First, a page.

The paper is the culmination of all the skills they developed over the course of the project. The result of this is that my students learned the basic components of a historical research paper. They learned how to research well, how to mine the source for all of the content they need, and how to translate that raw source into a well-crafted, argumentative paper. The project should give the students not only knowledge of the past, but the skills to understand history, regardless of the individual facts and time period one is working with.

Methods of Analysis[5]

To determine if this was an effective project, I engaged three different means of analysis: a survey, a reflection assignment, and a small group analysis. First, I gave my class a survey that asked students’ confidence levels in various tasks related to creative historical imagination. I gave the same survey before and after the project. The pre-survey had a 67% response rate and the post-survey had a 75% response rate out of 33 students. While this doesn’t measure concrete ability, the students’ own perceptions of their learning are incredibly valuable. 

I assigned the students a reflection assignment as my second measure of analysis for this project. Students were asked to write one to two pages reflecting on how this assignment impacted or changed how they viewed history, if it did so. Here I wanted to capitalize on my students’ proven ability to express themselves in a freer format. This was turned in with their synthesis paper and it was only graded for completion. For my third measure, I used the focus-group service provided by Vanderbilt’s Center for Teaching (CfT). This is when a staff member from the CfT comes into the classroom and facilitates a small group discussion on a specific topic without the presence of the instructor. This allows the students to give qualitative feedback anonymously, which increases the likelihood of that feedback being honest.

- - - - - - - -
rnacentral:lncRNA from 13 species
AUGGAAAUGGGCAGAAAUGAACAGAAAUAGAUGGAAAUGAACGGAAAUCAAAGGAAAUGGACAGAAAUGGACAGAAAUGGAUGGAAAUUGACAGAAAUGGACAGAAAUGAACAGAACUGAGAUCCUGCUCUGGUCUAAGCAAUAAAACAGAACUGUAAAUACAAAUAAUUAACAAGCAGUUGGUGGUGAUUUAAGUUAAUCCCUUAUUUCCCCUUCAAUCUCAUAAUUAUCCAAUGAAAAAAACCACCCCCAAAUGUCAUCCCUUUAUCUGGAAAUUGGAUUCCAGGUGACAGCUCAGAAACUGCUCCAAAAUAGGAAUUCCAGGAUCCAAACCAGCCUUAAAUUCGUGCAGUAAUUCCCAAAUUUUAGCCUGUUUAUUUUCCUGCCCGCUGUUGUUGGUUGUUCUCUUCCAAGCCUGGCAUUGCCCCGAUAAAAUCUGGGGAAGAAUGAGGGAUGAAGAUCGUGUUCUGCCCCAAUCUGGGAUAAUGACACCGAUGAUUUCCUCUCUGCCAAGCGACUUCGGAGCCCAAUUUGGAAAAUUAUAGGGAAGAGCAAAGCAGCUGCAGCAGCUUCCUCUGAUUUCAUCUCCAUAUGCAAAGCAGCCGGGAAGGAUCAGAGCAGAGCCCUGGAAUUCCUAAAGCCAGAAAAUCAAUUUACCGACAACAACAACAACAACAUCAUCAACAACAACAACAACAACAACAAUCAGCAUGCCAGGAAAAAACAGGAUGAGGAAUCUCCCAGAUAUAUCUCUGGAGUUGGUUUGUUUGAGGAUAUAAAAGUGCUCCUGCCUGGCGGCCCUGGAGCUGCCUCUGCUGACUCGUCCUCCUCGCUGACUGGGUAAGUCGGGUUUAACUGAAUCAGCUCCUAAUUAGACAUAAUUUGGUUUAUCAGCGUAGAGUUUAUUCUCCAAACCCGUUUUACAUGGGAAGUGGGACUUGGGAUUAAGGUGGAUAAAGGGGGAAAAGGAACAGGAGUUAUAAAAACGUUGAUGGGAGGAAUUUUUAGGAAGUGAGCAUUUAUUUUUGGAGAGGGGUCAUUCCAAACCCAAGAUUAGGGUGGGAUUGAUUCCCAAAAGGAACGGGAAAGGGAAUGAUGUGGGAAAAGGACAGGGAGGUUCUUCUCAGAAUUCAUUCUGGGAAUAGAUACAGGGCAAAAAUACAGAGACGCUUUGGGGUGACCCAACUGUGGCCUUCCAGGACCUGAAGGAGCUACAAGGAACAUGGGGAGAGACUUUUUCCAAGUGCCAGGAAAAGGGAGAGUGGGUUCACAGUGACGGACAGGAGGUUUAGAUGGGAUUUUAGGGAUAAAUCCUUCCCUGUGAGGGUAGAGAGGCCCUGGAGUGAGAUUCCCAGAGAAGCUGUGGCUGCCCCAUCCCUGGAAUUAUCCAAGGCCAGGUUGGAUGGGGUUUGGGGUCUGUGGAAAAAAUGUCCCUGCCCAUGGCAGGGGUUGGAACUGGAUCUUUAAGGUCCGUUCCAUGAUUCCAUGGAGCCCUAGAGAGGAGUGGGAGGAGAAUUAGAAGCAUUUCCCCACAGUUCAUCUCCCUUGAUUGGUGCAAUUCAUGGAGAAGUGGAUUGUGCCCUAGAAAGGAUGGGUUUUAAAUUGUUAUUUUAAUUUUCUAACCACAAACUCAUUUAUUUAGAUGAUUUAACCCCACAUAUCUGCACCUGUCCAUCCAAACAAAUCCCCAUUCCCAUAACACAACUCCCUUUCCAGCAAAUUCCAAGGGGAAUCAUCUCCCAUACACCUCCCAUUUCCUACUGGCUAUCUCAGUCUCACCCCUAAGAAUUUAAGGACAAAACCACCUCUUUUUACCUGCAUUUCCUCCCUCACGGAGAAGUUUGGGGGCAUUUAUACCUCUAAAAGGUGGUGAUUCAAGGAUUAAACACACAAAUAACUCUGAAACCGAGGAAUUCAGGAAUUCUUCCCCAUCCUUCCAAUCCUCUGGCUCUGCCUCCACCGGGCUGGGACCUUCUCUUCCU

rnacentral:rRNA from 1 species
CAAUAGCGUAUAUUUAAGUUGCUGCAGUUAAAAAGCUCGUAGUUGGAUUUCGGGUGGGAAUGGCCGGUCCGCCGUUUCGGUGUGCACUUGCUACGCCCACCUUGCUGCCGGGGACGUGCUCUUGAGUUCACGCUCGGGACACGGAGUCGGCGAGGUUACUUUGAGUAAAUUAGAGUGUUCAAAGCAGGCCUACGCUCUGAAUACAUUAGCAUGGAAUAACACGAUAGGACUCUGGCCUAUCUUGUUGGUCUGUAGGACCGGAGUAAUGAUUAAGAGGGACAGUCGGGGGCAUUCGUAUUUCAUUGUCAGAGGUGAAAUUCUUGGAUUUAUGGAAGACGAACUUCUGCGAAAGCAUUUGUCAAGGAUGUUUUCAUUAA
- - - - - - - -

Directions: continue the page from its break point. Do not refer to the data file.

Results and Conclusion

So, was I able to help my students develop a creative historical imagination? The answer, I am happy to report, is an overwhelming yes. The survey results showed a marked increase in confidence across the board, with the most notable increase being confidence in close-readings. The survey also showed that students felt that the assignment added to their overall learning. In the reflection assignments, it was striking how many students addressed the exact prongs of creative historical imagination even though this breakdown was never provided for the students. Many students spoke about how this project changed their overall view of history. The small- group analysis showed that students felt that the technology and annotation skills they gained were useful for their future academic careers. Based on all of these factors, I can confidently conclude that the comparative annotation assignment did inculcate in the students a sense of creative historical imagination.